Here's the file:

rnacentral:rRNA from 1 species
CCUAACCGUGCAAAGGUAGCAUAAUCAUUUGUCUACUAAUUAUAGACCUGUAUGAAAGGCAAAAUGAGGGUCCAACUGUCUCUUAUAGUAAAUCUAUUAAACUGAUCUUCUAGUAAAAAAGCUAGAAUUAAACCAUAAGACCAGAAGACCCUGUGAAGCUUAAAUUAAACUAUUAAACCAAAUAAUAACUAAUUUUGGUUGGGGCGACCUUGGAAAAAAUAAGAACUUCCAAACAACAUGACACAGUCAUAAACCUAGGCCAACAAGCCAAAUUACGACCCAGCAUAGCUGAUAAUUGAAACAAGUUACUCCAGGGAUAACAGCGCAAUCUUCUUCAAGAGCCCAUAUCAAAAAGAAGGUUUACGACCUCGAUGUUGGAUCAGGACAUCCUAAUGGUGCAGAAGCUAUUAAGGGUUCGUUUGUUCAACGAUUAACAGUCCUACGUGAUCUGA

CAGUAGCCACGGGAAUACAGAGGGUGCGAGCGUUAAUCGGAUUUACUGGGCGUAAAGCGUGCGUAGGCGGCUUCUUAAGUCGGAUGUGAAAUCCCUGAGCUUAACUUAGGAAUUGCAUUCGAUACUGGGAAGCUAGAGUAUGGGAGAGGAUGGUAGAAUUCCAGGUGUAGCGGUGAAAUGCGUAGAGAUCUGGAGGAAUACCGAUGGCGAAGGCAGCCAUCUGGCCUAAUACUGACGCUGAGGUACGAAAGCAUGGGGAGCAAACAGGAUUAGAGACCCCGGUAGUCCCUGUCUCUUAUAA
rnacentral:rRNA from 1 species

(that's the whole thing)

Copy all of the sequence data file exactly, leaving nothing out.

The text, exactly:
rnacentral:rRNA from 1 species
CCUAACCGUGCAAAGGUAGCAUAAUCAUUUGUCUACUAAUUAUAGACCUGUAUGAAAGGCAAAAUGAGGGUCCAACUGUCUCUUAUAGUAAAUCUAUUAAACUGAUCUUCUAGUAAAAAAGCUAGAAUUAAACCAUAAGACCAGAAGACCCUGUGAAGCUUAAAUUAAACUAUUAAACCAAAUAAUAACUAAUUUUGGUUGGGGCGACCUUGGAAAAAAUAAGAACUUCCAAACAACAUGACACAGUCAUAAACCUAGGCCAACAAGCCAAAUUACGACCCAGCAUAGCUGAUAAUUGAAACAAGUUACUCCAGGGAUAACAGCGCAAUCUUCUUCAAGAGCCCAUAUCAAAAAGAAGGUUUACGACCUCGAUGUUGGAUCAGGACAUCCUAAUGGUGCAGAAGCUAUUAAGGGUUCGUUUGUUCAACGAUUAACAGUCCUACGUGAUCUGA

CAGUAGCCACGGGAAUACAGAGGGUGCGAGCGUUAAUCGGAUUUACUGGGCGUAAAGCGUGCGUAGGCGGCUUCUUAAGUCGGAUGUGAAAUCCCUGAGCUUAACUUAGGAAUUGCAUUCGAUACUGGGAAGCUAGAGUAUGGGAGAGGAUGGUAGAAUUCCAGGUGUAGCGGUGAAAUGCGUAGAGAUCUGGAGGAAUACCGAUGGCGAAGGCAGCCAUCUGGCCUAAUACUGACGCUGAGGUACGAAAGCAUGGGGAGCAAACAGGAUUAGAGACCCCGGUAGUCCCUGUCUCUUAUAA
rnacentral:rRNA from 1 species